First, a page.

6. I love your race reports - they make me want to be there! Congrats on a solid run!

  7. Yay! I hope your heel has recovered from the abuse. Looks like you had perfect weather and got to see a whole lot of mining things. :-)

    PS we have a few moose down here in southern CO. There are also quite a few west of Fort Collins.

  8. Thanks for the props, guys. I'm always surprised when people actually read this =)

  9. Amazing scenery! Hope that foot of yours will continue to behave! ;)

  10. I guess all I've been writing is non-race reports! =P And yes, people actually read your blog. Its some good stuff! You're a pretty good writer and an even better runner. I'm sure you'll be running 100-milers like Western States in no time, and kicking some butt while you're at it.

  11. Wow those are some incredibly pictures!!

  12. Hi Amy,

    I am sorry I am leaving a comment, I can't find your email. I am writing you in the hopes that you want to participate in an e-book we are writing about ultra runners.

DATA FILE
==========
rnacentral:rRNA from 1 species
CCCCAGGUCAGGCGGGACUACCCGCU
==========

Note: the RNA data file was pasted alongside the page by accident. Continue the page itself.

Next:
We want to tap into the collective craziness (we mean that as a compliment:-)) of this community to challenge and inspire other non-runners to make their own life an ever-greater creative expression of their own goals and dreams… without limits.

    Progress so far: We have currently contacted more than 250 ultra runners and received more than 60 answers.

    We would ask you to answer a question about your experience with ultra running. Please note that these questions are related to your mental state and require that you are able to explain quite specifically what is going on mentally when running.

    If you'd like to participate please shoot me an email at


    All the best,